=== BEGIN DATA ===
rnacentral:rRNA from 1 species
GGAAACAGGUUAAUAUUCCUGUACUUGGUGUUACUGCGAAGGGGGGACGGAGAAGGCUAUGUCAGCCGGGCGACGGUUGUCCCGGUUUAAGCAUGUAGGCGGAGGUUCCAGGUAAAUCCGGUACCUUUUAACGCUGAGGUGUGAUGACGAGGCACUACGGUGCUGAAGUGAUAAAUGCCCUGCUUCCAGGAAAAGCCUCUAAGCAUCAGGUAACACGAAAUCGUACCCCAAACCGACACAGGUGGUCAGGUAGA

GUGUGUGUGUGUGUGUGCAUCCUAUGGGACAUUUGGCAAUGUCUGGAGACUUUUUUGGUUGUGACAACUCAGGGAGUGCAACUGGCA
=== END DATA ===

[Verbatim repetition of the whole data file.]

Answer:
rnacentral:rRNA from 1 species
GGAAACAGGUUAAUAUUCCUGUACUUGGUGUUACUGCGAAGGGGGGACGGAGAAGGCUAUGUCAGCCGGGCGACGGUUGUCCCGGUUUAAGCAUGUAGGCGGAGGUUCCAGGUAAAUCCGGUACCUUUUAACGCUGAGGUGUGAUGACGAGGCACUACGGUGCUGAAGUGAUAAAUGCCCUGCUUCCAGGAAAAGCCUCUAAGCAUCAGGUAACACGAAAUCGUACCCCAAACCGACACAGGUGGUCAGGUAGA

GUGUGUGUGUGUGUGUGCAUCCUAUGGGACAUUUGGCAAUGUCUGGAGACUUUUUUGGUUGUGACAACUCAGGGAGUGCAACUGGCA